Or, in Benjamin's case, not entirely. It should correct itself but it might not. If it doesn't it's not a huge deal; there's a relatively simple surgery that can correct it. But they're thinking that it should correct itself in the near(ish) future. We'll have to meet with a cardiologist a couple of times while we're here and then find a new one when we move.

Just another thing to worry about. *sigh*

He seems to be doing well, though. He's been off his cannula for a couple of days now and he keeps his oxygen levels up while we try to breastfeed. 

Breastfeeding. Oi. That's a process. 

We've had over a dozen nursing sessions and so far Benjamin can latch on. That's about all. Sucking and swallowing seem to be beyond his grasp. It's getting rather discouraging even though everyone keeps assuring me that his not doing much is normal and expected for his (gestational) age.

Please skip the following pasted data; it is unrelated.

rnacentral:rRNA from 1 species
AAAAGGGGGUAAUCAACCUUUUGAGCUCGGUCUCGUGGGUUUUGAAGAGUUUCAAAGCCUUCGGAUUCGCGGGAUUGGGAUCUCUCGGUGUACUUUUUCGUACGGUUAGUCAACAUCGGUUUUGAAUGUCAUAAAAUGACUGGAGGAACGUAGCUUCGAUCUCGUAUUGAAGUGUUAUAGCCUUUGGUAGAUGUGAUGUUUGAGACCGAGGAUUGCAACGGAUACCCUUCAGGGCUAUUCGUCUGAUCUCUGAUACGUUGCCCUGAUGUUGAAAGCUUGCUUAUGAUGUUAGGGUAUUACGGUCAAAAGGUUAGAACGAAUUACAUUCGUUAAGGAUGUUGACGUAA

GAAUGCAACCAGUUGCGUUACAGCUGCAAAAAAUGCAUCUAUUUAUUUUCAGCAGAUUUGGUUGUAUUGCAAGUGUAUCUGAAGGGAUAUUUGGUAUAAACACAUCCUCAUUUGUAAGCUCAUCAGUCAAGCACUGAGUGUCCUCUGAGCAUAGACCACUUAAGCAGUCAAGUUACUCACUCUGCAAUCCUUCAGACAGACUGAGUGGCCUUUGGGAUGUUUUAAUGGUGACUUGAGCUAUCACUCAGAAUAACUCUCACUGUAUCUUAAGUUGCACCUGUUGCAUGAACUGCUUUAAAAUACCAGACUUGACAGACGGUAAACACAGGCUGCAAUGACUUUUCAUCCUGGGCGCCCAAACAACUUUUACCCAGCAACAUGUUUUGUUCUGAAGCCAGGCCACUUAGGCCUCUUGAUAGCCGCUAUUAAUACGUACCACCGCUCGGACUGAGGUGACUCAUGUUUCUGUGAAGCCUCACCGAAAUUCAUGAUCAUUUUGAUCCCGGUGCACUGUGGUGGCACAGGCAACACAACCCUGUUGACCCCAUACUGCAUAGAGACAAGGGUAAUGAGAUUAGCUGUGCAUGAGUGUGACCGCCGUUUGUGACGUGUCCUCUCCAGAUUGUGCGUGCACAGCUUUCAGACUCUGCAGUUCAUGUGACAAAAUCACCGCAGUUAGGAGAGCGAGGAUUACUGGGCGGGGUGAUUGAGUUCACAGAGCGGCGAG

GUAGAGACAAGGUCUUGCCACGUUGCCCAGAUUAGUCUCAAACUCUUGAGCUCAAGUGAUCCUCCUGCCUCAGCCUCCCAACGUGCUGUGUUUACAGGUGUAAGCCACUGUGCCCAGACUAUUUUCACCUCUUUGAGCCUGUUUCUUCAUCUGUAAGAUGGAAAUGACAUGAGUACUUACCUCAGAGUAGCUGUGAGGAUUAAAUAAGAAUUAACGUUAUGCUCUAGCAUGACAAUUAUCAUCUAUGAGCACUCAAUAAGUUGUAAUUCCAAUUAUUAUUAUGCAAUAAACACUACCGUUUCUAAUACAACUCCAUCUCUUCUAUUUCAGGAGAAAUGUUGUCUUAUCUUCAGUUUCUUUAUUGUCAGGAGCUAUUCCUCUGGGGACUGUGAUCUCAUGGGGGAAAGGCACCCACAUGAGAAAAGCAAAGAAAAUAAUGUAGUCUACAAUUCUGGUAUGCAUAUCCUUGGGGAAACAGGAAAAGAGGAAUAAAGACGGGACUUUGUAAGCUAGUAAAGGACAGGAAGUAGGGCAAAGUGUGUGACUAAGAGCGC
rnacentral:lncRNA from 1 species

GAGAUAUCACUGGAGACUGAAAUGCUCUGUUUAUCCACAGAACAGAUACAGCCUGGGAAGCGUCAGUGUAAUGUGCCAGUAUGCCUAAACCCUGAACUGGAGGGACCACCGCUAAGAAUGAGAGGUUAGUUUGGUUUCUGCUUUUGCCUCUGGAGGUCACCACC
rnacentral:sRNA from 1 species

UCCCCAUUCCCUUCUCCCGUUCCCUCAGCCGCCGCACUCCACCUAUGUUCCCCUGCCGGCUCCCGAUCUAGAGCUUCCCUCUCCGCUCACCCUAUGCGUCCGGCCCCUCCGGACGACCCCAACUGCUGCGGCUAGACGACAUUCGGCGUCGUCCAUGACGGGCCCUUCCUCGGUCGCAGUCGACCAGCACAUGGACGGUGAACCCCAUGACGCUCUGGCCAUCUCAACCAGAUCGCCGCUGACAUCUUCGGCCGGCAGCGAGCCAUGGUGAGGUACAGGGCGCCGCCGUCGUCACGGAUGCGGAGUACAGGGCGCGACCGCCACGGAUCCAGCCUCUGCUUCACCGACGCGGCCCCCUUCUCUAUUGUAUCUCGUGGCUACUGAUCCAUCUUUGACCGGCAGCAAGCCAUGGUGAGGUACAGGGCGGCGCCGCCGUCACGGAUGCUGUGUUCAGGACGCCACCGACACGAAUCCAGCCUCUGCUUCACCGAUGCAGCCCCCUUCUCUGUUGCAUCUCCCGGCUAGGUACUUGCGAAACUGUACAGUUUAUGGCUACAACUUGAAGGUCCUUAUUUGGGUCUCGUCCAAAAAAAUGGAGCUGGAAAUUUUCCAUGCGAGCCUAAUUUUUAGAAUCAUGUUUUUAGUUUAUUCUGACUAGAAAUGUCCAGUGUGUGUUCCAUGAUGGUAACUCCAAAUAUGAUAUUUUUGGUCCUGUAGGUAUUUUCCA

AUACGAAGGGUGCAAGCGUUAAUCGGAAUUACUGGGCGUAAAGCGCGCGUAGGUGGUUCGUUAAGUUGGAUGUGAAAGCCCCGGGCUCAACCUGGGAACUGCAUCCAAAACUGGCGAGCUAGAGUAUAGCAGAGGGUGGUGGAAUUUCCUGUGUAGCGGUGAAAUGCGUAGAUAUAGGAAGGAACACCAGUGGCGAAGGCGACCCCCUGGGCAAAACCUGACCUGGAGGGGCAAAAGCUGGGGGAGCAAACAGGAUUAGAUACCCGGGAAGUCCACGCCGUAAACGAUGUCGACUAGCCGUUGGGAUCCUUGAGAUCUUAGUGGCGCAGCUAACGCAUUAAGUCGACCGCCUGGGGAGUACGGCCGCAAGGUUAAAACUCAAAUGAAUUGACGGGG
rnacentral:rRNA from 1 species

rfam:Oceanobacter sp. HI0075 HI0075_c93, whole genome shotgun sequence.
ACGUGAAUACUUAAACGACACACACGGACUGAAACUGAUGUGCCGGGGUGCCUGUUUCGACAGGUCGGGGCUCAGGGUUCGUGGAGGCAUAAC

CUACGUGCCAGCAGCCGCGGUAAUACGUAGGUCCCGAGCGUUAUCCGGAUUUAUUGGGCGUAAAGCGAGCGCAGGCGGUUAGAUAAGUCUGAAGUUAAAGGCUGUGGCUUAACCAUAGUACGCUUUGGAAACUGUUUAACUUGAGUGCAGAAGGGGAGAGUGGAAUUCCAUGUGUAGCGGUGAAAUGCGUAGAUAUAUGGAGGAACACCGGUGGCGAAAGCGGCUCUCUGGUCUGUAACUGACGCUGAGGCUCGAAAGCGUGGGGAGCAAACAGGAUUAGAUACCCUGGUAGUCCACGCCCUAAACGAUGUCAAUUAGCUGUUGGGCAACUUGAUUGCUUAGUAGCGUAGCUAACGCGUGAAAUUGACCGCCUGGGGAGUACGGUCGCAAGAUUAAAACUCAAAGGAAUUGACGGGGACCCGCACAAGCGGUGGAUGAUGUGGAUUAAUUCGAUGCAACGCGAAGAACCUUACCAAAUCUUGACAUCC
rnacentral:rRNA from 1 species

I get to try to feed him twice a day. We spend 15–20 minutes trying to stimulate his sucking reflex. And then we give up and I hold him skin-to-skin while he is fed through his NG tube...for an hour. And then when we're all finished with that I pump so that I don't explode. My milk supply is through the roof! 

Yesterday I expressed around 75 ounces. My goal is to work down to between 24–36 ounces. 

I. Am. Drowning. In. Milk.

Fortunately, Benjamin isn't suffering for want of milk but they've started to fortify my milk since they'll be giving him less of it each feeding—not only because of his proclivity to regurgitate his meals but also because they tend to feed premies the maximum amount of fluids their little bodies can handle and they're worried that they're making his heart work too hard to pump all that extra fluid around.